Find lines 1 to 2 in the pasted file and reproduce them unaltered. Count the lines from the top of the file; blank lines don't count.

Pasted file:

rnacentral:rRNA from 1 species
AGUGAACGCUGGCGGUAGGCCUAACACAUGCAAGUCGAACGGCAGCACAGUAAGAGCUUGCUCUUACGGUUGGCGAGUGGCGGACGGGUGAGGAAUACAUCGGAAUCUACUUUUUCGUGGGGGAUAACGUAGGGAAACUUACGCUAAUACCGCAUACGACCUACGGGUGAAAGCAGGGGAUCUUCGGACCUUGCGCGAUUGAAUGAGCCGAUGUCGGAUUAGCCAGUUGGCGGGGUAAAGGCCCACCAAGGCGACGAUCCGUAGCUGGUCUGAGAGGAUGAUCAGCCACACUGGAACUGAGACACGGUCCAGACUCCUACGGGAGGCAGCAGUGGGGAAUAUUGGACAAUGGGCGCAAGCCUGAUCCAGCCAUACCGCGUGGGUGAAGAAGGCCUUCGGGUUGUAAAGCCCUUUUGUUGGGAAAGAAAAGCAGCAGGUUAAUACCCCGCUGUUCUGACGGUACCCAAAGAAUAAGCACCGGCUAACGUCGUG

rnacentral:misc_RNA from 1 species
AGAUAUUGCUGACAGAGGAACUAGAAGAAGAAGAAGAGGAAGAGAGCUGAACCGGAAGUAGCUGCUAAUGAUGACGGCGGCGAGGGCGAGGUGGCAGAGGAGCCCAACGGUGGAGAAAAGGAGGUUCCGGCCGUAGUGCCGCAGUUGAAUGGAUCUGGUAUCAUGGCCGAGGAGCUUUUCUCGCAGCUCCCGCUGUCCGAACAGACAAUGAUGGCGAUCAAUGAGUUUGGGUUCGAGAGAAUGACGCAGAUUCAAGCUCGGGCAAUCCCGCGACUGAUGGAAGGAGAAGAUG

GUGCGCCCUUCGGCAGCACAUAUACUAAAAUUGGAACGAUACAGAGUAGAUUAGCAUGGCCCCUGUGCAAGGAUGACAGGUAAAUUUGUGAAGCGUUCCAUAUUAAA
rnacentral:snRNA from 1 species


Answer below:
rnacentral:rRNA from 1 species
AGUGAACGCUGGCGGUAGGCCUAACACAUGCAAGUCGAACGGCAGCACAGUAAGAGCUUGCUCUUACGGUUGGCGAGUGGCGGACGGGUGAGGAAUACAUCGGAAUCUACUUUUUCGUGGGGGAUAACGUAGGGAAACUUACGCUAAUACCGCAUACGACCUACGGGUGAAAGCAGGGGAUCUUCGGACCUUGCGCGAUUGAAUGAGCCGAUGUCGGAUUAGCCAGUUGGCGGGGUAAAGGCCCACCAAGGCGACGAUCCGUAGCUGGUCUGAGAGGAUGAUCAGCCACACUGGAACUGAGACACGGUCCAGACUCCUACGGGAGGCAGCAGUGGGGAAUAUUGGACAAUGGGCGCAAGCCUGAUCCAGCCAUACCGCGUGGGUGAAGAAGGCCUUCGGGUUGUAAAGCCCUUUUGUUGGGAAAGAAAAGCAGCAGGUUAAUACCCCGCUGUUCUGACGGUACCCAAAGAAUAAGCACCGGCUAACGUCGUG